Moisés Kaufman first achieved fame as the artistic director of the Tectonic Theatre Company, with whom he collaborated on The Laramie Project, their ethnographically- based treatment of Laramie, Wyoming, in the aftermath of Matthew Shepard’s death at the hands of two local gay-bashing murderers. Tectonic’s first production was Indecent Exposure, which used a similar pastiche process to knit together various archival sources to offer a sympathetic, Brechtian rendition of the trials of Oscar Wilde. The company’s non-narrative, fragmented style suited their investigations into historical events of questionable morality and ethics, representing a theatrical refusal to take sides while still giving fraught proceedings the benefit of searing examination in performance.
In his solo outing as a playwright, Kaufman’s 33 Variations (on Broadway at the Eugene O’Neill, in a production I saw 5-9-09) narrates a somewhat different inquiry into history. Using a more conventional structure and style, the play centers on Dr. Katherine Brandt (Jane Fonda), a musicologist studying a minor project by Beethoven in which he obsessively wrote 33 different variations on a simple theme provided by an amateur colleague. In her effort to understand the root of Beethoven’s enduring fascination with the piece, Katherine comes to terms with her own desire to know and her own obsession with work at the expense of intimacy and family life.
The play falls squarely into the tradition of Wit and Third, plays in which smart women are punished for prizing their intellect over more traditionally gendered skills like nurturing. In the more brutal Wit, the female protagonist is a Donne scholar, an exacting teacher who’s isolated herself so that as she lies dying, only her own academic mentor comes to visit. Her death seems retribution for her life choices, even though the playwright, Margaret Edison, metaphorically describes the end of her life as a liberating release.
In 33 Variations, too, a talented female scholar has intimacy issues, and is propelled through the plot by her urgency to solve her research challenges before she’s overtaken by ALS (Lou Gehrig’s disease), the degenerate illness that will soon immobilize her body while it leaves her mind intact. Racing against a timetable that gives her a clear handicap, Katherine travels to Bonn to conduct her archival research against the wishes of her daughter, Clara (Samantha Mathis), and her doctors, insistent that she’s strong enough to see the trip through. Her journey toward understanding Beethoven’s motivations—since, as she notes, “History doesn’t record what he said”—also marks her own progress toward ill health, in vignettes titled with projected numbers that count off the variations. When the play reaches 33, Katherine’s life has nearly ended.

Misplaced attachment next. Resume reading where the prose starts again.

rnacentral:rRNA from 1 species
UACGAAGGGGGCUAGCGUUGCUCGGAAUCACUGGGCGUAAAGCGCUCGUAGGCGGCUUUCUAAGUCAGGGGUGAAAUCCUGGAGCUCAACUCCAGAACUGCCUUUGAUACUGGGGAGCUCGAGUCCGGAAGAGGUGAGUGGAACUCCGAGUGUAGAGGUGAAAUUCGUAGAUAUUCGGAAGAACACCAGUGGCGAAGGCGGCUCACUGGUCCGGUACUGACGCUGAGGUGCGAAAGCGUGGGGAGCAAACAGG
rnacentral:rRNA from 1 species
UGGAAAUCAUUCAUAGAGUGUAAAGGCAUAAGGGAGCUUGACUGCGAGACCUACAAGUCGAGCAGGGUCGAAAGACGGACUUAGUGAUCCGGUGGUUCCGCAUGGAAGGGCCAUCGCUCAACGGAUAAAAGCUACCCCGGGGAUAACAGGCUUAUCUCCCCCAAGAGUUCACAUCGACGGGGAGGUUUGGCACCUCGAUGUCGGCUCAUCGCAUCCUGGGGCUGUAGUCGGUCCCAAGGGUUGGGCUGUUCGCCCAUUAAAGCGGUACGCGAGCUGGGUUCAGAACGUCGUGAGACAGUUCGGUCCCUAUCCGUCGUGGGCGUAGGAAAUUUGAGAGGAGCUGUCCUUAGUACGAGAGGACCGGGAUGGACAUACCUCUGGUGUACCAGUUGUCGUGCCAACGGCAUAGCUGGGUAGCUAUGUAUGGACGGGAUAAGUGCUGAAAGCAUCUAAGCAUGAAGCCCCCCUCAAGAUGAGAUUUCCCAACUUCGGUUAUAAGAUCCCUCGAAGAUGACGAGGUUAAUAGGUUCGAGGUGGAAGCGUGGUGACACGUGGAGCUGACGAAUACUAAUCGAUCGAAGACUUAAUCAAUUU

Kaufman’s conceit presents the past and present simultaneously. Katherine toils in the archive alongside her German colleague, Dr. Gertrude Landenburger (Susan Kellermann), the taciturn, gruff woman who guards Beethoven’s boxes with the fascist fist of archivists the world over. While the two women gradually come to trust and even care for one another, the play intercuts scenes among Beethoven (Zach Grenier) and his assistant, Anton Schindler (Erik Steele), negotiating with Diabelli, who wants to include Beethoven’s variation on his theme in a collection he plans to publish. Diabelli (Don Amendolia) swings between frustration and pleasure at Beethoven’s delay, his ego flattered by the master’s attention to his trifle. As Beethoven grows increasingly deaf—his own historical decline mirroring Katherine’s in the present—the variations take on more weight and import than they might have earlier in his life. Grenier–nominated for a Tony for Best Featured Actor in a Play–does a nice job impersonating a mad artist, and Steele is appropriately protective and self-righteous as his helper.